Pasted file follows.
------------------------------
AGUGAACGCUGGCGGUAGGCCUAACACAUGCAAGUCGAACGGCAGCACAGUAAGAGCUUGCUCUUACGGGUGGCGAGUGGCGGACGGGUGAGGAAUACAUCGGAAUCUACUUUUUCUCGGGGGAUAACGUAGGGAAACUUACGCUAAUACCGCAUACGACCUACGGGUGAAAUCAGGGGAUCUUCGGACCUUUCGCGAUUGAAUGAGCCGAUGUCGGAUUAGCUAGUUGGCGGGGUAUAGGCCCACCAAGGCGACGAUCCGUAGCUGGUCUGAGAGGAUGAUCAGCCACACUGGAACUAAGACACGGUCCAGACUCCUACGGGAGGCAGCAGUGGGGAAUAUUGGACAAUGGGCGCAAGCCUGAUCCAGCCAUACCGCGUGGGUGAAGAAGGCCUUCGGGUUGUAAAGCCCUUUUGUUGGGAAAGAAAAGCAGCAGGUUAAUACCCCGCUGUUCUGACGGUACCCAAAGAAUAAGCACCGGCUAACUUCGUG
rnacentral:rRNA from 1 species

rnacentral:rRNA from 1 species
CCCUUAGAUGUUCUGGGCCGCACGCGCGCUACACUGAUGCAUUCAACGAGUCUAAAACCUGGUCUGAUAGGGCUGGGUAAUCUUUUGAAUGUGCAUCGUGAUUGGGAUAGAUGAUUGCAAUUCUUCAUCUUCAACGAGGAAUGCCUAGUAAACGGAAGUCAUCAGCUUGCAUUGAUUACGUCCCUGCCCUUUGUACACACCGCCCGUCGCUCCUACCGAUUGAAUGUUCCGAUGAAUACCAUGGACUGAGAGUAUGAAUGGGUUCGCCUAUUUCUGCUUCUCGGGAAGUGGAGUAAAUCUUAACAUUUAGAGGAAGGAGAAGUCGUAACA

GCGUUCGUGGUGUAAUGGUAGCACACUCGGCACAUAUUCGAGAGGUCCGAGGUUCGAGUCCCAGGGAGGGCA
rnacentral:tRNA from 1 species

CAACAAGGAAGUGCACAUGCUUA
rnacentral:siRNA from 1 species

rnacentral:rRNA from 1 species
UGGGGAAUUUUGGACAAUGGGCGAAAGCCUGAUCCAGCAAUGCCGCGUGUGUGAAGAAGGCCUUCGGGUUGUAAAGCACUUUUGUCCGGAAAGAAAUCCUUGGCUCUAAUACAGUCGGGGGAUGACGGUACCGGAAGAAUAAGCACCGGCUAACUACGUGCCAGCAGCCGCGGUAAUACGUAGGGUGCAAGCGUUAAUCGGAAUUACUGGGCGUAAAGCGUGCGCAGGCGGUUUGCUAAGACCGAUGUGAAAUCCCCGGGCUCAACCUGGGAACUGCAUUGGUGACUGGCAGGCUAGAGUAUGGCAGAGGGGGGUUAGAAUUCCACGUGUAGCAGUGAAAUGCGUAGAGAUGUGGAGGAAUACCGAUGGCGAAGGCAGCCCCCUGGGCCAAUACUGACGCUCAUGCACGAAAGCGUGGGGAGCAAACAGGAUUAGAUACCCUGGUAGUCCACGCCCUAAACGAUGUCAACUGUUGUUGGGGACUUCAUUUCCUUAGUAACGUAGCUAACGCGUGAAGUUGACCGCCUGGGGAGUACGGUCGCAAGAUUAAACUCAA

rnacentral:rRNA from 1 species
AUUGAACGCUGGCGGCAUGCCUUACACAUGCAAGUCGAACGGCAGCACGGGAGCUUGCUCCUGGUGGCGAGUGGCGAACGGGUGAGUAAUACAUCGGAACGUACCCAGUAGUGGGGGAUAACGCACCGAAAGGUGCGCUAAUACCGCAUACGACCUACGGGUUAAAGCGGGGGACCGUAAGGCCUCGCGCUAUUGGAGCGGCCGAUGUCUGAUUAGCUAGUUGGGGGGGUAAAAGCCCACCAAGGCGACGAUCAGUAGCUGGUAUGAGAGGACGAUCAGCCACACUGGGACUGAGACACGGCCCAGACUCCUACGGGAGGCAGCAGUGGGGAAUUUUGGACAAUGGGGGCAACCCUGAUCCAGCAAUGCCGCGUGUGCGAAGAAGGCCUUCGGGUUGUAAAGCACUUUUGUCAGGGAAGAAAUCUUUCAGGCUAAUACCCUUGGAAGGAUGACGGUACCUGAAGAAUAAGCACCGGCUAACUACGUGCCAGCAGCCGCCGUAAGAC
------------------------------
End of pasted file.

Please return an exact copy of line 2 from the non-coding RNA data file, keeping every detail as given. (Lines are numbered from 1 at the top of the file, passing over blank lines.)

rnacentral:rRNA from 1 species